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Artificial intelligence shows improved accuracy of ovarian cancer diagnosis

Complications in the timely, accurate screening of ovarian cancer mean many women receive a diagnosis when in the advanced stages of the disease. This frequently makes ovarian cancer a fatal diagnosis. While researchers have made significant advances in the development of various biomarker-driven tests for ovarian cancer, such procedures have yet to offer a reliable diagnosis without being performed multiple times. In the January 2024 publication of The Lancet Digital Health, Guangyao Cai and colleagues explored a novel application of these detection techniques by leveraging artificial intelligence (AI) to improve their diagnostic accuracy. The authors suggest that AI-enhanced ovarian cancer testing offers an avenue for cost-effective, widely available, and accurate diagnostic procedures. GlobalData epidemiologists forecast an increase in the diagnosed incident cases of ovarian cancer from over 585,600 cases to approximately 623,600 cases between 2024 and 2028 among adult women in the 16 major markets (16MM: US, France, Germany, Italy, Spain, UK, Japan, Australia, Brazil, Canada, China, India, Mexico, Russia, South Africa, and South Korea). If the AI-assisted diagnosis of ovarian cancer as proposed by Cai and colleagues is widely adopted by physicians in these markets, the incident cases of ovarian cancer may increase due to higher diagnosis rates. However, the number of prevalent cases may also grow due to improved survival attributed to fewer diagnostic delays.

Cai and colleagues explored the application of AI to ovarian cancer diagnosis through a retrospective study between 2012 and 2021. Drawing from three major hospitals based in China, the authors trained 20 AI predictive models using 6,778,762 laboratory results screening for ovarian cancer. Each predictive model was trained to produce an accurate diagnosis of ovarian cancer, and the model’s decision-making was based on 52 biomarkers. The predictions made by the model were validated against three datasets of laboratory results. The performance of the model in accurately predicting positive cases exceeded laboratory tests with and without the conventional carbohydrate antigen 125 (CA125) and human epididymal protein 4 (HE4) biomarkers most commonly associated with ovarian cancer. Importantly, these capabilities included the improved prediction of early-stage ovarian cancer, a result which frequently eludes traditional testing methods due to deficiencies in the specificity and sensitivity of current biomarker tests. In order to ensure access to the model for public review and potential utilization, Cai and colleagues have published it as an open-source tool on the internet.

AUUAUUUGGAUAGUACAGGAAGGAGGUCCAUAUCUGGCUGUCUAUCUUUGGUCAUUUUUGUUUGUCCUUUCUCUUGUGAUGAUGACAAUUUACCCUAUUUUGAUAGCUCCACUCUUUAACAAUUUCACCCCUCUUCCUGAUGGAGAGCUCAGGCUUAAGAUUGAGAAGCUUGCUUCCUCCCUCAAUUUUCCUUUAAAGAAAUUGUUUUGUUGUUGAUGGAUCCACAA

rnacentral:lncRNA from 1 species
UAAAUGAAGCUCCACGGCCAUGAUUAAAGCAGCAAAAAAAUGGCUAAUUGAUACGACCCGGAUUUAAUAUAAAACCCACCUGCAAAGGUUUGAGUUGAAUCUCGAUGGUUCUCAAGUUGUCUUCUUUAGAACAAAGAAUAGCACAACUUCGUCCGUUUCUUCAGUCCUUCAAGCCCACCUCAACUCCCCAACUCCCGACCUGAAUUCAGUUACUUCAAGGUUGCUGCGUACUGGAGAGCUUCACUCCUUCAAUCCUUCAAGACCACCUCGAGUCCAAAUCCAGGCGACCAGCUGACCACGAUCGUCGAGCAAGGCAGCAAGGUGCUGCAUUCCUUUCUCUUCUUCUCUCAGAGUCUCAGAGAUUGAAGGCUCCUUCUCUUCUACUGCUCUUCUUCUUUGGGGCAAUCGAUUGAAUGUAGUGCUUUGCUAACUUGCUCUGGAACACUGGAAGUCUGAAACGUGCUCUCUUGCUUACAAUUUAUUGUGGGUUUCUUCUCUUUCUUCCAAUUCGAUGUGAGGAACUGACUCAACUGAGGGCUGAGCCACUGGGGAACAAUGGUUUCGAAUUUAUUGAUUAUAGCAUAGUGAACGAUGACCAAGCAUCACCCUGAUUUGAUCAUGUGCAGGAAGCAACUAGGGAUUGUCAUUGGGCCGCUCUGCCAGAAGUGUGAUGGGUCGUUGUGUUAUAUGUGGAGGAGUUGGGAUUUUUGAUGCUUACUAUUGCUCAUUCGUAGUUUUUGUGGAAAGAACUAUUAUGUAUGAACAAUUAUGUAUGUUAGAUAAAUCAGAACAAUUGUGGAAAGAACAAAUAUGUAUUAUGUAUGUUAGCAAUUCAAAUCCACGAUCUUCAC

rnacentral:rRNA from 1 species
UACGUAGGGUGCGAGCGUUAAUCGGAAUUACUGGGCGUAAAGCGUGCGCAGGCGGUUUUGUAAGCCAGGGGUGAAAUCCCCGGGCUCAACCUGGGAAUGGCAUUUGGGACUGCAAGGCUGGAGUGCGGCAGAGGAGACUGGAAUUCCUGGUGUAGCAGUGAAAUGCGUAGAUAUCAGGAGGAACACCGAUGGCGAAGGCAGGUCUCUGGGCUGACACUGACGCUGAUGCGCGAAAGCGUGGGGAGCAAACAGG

The predictive model developed by Cai and colleagues serves as a promising first step toward strengthened capabilities in the accurate, timely diagnosis of ovarian cancer. While the authors acknowledge the need for further exploration of the model’s utility in clinical settings, as well as refinement of the model’s algorithms through its application, its publication online for free use can make it a powerful tool that physicians can leverage in conjunction with traditional methods of detection without the need for additional equipment or procedures. As expected for other clinical applications of AI, the increased adoption of AI-enhanced ovarian cancer detection could have resounding effects on patients and clinicians, but also on the ovarian cancer epidemiological landscape more broadly. While the incident cases of ovarian cancer could increase due to higher diagnosis rates, strengthened early detection could shift the stage distribution of diagnosed cases toward earlier stages, and potentially lead to improved odds of survival.